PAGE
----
Regulation of osteogenic and chondrogenic differentiation of mesenchymal stem cells in PEG-ECM hydrogels
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- Hwang, N.S., Varghese, S., Li, H. et al. Cell Tissue Res (2011) 344: 499. doi:10.1007/s00441-011-1153-2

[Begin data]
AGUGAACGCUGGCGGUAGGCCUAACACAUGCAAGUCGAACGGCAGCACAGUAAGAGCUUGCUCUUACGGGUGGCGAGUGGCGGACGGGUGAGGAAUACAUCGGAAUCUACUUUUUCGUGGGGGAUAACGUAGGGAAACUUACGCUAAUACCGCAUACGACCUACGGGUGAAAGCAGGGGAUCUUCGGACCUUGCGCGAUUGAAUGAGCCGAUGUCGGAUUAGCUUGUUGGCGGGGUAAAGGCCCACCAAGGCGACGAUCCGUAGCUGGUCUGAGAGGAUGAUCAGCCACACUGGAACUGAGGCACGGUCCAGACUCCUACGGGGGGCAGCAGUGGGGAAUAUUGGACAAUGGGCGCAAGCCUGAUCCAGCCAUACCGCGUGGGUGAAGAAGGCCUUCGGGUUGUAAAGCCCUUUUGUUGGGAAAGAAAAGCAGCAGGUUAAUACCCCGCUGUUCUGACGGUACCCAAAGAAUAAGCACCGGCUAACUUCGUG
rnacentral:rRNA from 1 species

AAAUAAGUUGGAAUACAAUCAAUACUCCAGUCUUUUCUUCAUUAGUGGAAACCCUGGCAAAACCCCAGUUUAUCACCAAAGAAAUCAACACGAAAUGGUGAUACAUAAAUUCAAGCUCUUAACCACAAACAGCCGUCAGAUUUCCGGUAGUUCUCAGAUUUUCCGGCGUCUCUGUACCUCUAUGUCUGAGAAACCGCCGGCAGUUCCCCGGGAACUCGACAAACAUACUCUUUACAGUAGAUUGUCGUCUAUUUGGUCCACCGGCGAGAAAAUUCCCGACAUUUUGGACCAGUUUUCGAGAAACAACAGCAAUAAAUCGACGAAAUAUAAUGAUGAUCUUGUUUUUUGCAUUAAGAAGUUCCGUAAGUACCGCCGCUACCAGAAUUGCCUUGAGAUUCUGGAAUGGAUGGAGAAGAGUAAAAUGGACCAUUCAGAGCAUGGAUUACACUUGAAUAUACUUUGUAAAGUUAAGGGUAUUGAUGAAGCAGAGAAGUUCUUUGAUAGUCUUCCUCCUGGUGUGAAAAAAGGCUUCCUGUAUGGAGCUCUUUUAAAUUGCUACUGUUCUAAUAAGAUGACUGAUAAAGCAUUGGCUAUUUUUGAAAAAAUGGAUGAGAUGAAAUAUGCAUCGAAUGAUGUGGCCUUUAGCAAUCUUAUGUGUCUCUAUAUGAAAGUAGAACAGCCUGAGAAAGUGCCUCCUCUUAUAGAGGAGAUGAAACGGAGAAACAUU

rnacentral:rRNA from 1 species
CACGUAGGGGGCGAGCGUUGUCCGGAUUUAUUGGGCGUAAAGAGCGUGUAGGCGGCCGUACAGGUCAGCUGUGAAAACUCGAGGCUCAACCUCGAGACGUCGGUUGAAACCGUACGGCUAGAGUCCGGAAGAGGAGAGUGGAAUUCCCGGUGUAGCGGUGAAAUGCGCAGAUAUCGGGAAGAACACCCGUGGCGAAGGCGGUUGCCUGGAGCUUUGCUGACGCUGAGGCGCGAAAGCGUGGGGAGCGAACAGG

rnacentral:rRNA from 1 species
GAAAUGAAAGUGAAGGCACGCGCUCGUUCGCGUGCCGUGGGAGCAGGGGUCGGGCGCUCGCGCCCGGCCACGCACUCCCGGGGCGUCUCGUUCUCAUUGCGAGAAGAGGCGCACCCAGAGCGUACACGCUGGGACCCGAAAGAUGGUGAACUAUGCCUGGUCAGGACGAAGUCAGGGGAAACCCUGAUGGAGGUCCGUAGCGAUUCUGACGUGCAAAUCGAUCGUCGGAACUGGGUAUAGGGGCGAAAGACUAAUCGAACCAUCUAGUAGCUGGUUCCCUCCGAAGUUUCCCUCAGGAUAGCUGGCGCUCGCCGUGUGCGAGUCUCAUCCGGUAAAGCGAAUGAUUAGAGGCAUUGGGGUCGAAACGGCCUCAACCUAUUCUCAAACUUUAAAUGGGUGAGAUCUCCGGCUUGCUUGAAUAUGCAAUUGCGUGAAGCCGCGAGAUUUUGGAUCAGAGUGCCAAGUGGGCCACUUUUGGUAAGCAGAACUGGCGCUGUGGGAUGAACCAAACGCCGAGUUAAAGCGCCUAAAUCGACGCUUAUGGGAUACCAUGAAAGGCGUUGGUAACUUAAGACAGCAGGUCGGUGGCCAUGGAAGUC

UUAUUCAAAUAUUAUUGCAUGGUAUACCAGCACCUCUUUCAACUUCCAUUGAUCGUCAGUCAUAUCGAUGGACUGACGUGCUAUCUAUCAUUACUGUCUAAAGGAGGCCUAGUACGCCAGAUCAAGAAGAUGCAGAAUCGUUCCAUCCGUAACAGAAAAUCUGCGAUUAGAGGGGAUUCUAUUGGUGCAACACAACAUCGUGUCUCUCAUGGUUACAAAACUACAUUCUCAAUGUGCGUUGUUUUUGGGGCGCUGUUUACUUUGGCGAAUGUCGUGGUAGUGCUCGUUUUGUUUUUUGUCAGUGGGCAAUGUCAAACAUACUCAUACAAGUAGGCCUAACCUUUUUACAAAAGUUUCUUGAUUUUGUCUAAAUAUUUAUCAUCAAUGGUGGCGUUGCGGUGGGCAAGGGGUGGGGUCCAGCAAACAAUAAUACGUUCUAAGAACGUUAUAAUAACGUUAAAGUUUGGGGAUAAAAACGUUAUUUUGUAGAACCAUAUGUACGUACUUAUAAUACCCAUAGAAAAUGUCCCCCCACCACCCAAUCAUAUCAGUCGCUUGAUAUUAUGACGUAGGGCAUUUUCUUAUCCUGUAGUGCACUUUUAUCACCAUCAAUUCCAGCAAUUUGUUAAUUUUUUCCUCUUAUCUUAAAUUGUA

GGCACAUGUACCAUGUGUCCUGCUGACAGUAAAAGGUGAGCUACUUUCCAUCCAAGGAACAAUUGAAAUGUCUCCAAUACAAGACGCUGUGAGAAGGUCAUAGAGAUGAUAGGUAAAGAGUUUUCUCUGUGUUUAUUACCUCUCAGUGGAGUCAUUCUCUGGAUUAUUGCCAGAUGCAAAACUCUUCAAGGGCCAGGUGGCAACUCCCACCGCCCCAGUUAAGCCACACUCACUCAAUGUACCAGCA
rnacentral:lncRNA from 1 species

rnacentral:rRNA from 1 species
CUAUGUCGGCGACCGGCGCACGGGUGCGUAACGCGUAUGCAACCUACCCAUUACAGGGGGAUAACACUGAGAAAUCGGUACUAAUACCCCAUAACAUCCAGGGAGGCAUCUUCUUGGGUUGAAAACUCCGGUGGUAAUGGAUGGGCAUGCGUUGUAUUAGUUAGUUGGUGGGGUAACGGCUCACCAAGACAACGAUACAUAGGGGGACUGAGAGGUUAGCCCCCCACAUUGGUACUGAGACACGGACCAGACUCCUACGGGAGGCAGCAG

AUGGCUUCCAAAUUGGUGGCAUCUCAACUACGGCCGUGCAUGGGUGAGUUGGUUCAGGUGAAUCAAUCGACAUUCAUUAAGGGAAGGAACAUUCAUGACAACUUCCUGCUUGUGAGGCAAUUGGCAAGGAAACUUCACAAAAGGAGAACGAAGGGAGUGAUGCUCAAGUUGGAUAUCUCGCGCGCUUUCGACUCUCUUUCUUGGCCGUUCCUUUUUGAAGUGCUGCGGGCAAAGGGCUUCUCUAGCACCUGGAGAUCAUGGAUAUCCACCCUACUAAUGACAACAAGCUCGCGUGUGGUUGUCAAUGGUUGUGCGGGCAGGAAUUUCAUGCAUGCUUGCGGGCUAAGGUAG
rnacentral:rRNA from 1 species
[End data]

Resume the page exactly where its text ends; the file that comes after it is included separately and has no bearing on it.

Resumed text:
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Bone-marrow-derived mesenchymal stem cells (MSCs) are candidates for regeneration applications in musculoskeletal tissue such as cartilage and bone. Various soluble factors in the form of growth factors and cytokines have been widely studied for directing the chondrogenic and osteogenic differentiation of MSCs, but little is known about the way that the composition of extracellular matrix (ECM) components in three-dimensional microenvironments plays a role in regulating the differentiation of MSCs. To define whether ECM components influence the regulation of osteogenic and chondrogenic differentiation by MSCs, we encapsulated MSCs in poly-(ethylene glycol)-based (PEG-based) hydrogels containing exogenous type I collagen, type II collagen, or hyaluronic acids (HA) and cultured them for up to 6 weeks in chondrogenic medium containing transforming growth factor-β1 (10 ng/ml) or osteogenic medium. Actin cytoskeleton organization and cellular morphology were strongly dependent on which ECM components were added to the PEG-based hydrogels. Additionally, chondrogenic differentiation of MSCs was marginally enhanced in collagen-matrix-based hydrogels, whereas osteogenic differentiation, as measured by calcium accumulation, was induced in HA-containing hydrogels. Thus, the microenvironments created by exogenous ECM components seem to modulate the fate of MSC differentiation.